7 Strange Facts About the Civil War That Surprise Everyone

Published October 30, 2020

The Civil War remains the bloodiest US conflict of all time. And while the war has fascinated historians for more than a century, many Americans don’t know much about the war. Especially the strange and offbeat facts about it. Here are seven really odd moments of the Civil War:

1. The First Battle Had Civilian Spectators, Who Thought the War Would Be Over In An Afternoon.

Most people thought the North would simply roll over the South. This is why in the beginning, the North only had three-month enlistments. And it’s also why regular folks showed up to observe the first land battle July 21, 1861 (the Battle of Bull Run… also known as First Manassas in the South). They were intent on having a picnic!

Imagine their surprise when the South not only made a stubborn fight of it, they started winning. Many of the spectators had to abandon their picnic lunches and run as the South advanced. Bull Run/Manassas was a Southern victory, and started the country on a long, bloody war that didn’t end until 1865.

2 . Stonewall Jackson was Killed by Friendly Fire

One of the best Southern generals was Thomas “Stonewall” Jackson. Given that nickname at the Battle of Bull Run (“look, there’s Jackson standing like a Stone Wall”), he was one of Robert E. Lee’s most trusted generals. In the immediate aftermath of the Battle of Chancellorsville, Jackson and his aides were out scouting at night when they were fired upon by Southern pickets who thought they were the enemy. Jackson was hit three times, shattering his left arm (which was amputated.) Bedridden, he died of Pneumonia a week later.

3 . The Last Southern General to Surrender Was a Native American

Stand Watie (also known as Standhope Uwatie, Tawkertawker) was a leader in the Cherokee Nation, who aligned with the Confederacy. He was the only Native American to rise to the rank of general. He was the last rebel commander to surrender, laying down arms on June 23, 1865 (for context, Lee surrendered to Grant on April 9, 1865).

4. The First “Iron Ships” Fought to a Draw.

Interestingly, each side in the Civil War developed an “ironclad” ship. The North had the “Monitor”, which was essentially the first submarine (although it could not completely submerge), and the South had the Merrimac (aka, the Virginia), which was a rebuilt wooden ship equipped with iron shielding.

The ships engaged each other on March 9, 1862. After roughly three hours of intense battle, the ships realized they could not seriously damage the other, and the engagement ended when the Virginia retreated to Norfolk, while the Monitor stayed behind to guard other ships. Interestingly, not only did the ships never fight each other again, neither ship fought again period! The Virginia proved too unwieldy, and was sunk rather than let it be captured, while the Monitor sunk in a storm on 12/31/1862.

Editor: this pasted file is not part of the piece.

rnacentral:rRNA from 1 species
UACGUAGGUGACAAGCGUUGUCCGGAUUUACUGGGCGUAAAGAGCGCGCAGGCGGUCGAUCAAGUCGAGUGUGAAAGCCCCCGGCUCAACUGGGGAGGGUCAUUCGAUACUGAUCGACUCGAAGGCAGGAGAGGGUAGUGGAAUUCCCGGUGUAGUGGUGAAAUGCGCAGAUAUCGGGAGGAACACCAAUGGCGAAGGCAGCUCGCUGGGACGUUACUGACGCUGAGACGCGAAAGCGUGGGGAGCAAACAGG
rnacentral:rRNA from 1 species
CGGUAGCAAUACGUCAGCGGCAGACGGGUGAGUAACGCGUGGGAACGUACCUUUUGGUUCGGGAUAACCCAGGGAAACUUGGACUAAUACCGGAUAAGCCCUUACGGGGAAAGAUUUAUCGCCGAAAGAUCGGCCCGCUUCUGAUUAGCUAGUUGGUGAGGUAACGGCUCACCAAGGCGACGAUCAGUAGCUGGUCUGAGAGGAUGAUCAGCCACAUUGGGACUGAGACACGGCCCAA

5. Lincoln Had Comically Long List of Commanding Generals

Lincoln had a hard time finding a commanding General he was happy with. As far as command of the entire union army, he had: Winfield Scott, George B. McClellan, Henry W. Halleck, before finally settling on Ulysses S. Grant.

For the main Union army (the Army of the Potomac), he had Irvin McDowell, George B. McClellan, Ambrose E. Burnside, Joseph Hooker, and George G. Meade. You could say Grant as well, but he took command of the entire army, while Meade stayed in command of the Army of the Potomac.

Many scholars feel this revolving door of generals is one reason the war lasted as long as it did. Had he settled on Grant earlier, things may have been very different.

6. We Get The Word “Sideburns” From a Union General.

Even in an era of “large beards”, General Ambrose E. Burnside had an unusual way of wearing his facial hair, letting it grow from his ears to his actual beard. When others mimicked it, it was called “burnsides”, which was eventually reversed to “sideburns”, which we still use today. Pretty neat, huh?

7. A General Donated His Leg to Science

By all accounts, Union general Daniel Sickles was an odd character. Prior to the war, he killed the lover of his wife in broad daylight, and was the first to use the “temporary insanity” defense (note: the man he killed was Philip Barton Key II, the son of “Star Spangled Banner” author Francis Scott Key.)

Sickles’ leg was shattered by a cannonball on July 2, 1863 during the Battle of Gettysburg. He had heard of a directive to collect “specimens of morbid anatomy” by the army medical museum. He quickly donated his amputated leg, along with the offending cannonball. He reportedly visited his leg on the anniversary of the amputation. The leg and ball can still be seen today in the National Museum of Health and Medicine in Maryland.